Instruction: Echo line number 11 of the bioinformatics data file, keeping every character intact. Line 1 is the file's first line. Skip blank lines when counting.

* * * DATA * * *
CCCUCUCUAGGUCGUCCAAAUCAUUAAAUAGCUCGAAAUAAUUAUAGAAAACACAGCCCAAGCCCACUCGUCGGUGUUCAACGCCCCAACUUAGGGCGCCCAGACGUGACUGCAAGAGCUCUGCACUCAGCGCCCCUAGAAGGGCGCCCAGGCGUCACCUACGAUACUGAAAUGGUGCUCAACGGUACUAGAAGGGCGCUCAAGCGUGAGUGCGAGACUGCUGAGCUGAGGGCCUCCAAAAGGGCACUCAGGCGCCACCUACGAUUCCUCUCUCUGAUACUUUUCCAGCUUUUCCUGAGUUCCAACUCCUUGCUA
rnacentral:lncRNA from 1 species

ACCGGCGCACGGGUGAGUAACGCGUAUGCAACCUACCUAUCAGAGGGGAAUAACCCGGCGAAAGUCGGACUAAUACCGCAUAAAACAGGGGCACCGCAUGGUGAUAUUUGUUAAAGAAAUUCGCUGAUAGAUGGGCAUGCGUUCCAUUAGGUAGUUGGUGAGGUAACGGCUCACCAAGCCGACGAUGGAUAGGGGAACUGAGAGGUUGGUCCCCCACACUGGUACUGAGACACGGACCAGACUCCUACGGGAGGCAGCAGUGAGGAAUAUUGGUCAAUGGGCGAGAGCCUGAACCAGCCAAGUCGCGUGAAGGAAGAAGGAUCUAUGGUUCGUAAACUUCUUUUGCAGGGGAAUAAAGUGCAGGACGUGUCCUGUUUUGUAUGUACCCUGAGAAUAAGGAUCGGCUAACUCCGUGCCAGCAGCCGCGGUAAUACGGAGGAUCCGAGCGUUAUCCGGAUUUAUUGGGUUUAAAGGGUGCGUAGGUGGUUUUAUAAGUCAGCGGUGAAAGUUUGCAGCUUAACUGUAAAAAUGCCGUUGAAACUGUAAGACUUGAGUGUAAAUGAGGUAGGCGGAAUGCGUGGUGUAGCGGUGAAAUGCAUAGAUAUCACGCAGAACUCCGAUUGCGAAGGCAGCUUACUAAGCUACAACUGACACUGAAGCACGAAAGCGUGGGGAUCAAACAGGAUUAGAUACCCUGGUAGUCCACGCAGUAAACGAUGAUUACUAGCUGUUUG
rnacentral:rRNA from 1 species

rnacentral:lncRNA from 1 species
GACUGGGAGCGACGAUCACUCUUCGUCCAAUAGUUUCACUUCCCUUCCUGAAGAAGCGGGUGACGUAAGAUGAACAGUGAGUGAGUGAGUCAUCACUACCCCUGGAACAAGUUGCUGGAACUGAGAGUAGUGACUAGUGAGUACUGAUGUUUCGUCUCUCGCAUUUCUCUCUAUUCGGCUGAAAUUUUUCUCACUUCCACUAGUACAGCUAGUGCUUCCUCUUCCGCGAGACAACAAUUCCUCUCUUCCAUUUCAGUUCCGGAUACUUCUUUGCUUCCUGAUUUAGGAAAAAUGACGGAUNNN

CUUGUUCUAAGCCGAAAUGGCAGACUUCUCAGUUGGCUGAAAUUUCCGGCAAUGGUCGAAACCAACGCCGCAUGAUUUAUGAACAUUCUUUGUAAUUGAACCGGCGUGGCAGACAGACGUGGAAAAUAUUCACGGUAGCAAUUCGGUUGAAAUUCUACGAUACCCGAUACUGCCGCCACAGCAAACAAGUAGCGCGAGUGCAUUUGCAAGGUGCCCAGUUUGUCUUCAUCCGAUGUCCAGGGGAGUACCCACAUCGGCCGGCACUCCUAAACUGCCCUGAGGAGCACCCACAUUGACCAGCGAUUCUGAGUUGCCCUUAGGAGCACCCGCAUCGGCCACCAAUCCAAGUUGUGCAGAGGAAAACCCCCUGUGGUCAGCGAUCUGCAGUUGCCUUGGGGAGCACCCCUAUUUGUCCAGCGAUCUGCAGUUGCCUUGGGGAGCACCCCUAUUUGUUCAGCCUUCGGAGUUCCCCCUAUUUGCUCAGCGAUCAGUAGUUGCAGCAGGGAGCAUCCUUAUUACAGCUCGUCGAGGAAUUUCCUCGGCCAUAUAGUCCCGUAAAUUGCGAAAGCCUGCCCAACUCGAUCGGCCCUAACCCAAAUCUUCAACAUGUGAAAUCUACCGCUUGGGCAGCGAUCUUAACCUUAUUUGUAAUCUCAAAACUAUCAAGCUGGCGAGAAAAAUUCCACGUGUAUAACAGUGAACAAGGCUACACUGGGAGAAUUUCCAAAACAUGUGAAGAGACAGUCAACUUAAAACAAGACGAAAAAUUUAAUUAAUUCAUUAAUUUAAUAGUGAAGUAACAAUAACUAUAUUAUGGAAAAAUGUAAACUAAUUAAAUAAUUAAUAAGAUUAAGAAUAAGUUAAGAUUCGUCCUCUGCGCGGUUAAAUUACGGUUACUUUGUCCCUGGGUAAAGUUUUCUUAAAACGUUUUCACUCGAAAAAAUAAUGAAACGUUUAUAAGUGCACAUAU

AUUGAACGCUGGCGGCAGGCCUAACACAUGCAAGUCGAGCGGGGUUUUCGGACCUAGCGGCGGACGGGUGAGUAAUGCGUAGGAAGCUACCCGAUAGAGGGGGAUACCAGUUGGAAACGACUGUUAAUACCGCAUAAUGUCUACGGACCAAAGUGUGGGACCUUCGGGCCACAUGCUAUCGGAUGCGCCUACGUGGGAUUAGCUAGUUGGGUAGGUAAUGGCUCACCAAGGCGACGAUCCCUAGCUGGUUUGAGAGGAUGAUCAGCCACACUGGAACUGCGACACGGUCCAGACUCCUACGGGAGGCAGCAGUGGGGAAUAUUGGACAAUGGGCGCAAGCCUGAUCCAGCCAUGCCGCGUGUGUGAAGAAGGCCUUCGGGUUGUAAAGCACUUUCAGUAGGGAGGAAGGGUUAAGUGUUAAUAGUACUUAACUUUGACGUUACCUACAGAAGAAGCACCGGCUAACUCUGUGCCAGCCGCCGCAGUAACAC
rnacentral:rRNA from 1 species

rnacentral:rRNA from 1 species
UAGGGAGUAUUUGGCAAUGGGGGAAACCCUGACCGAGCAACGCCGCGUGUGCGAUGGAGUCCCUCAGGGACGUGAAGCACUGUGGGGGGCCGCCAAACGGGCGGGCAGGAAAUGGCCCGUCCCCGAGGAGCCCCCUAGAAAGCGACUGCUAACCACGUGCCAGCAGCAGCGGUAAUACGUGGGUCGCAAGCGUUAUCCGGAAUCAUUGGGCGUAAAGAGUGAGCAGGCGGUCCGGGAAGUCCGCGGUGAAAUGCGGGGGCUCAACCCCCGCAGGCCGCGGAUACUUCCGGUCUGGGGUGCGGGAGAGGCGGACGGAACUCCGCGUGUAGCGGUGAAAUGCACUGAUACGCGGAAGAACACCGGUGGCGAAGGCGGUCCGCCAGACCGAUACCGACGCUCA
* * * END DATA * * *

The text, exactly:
UAGGGAGUAUUUGGCAAUGGGGGAAACCCUGACCGAGCAACGCCGCGUGUGCGAUGGAGUCCCUCAGGGACGUGAAGCACUGUGGGGGGCCGCCAAACGGGCGGGCAGGAAAUGGCCCGUCCCCGAGGAGCCCCCUAGAAAGCGACUGCUAACCACGUGCCAGCAGCAGCGGUAAUACGUGGGUCGCAAGCGUUAUCCGGAAUCAUUGGGCGUAAAGAGUGAGCAGGCGGUCCGGGAAGUCCGCGGUGAAAUGCGGGGGCUCAACCCCCGCAGGCCGCGGAUACUUCCGGUCUGGGGUGCGGGAGAGGCGGACGGAACUCCGCGUGUAGCGGUGAAAUGCACUGAUACGCGGAAGAACACCGGUGGCGAAGGCGGUCCGCCAGACCGAUACCGACGCUCA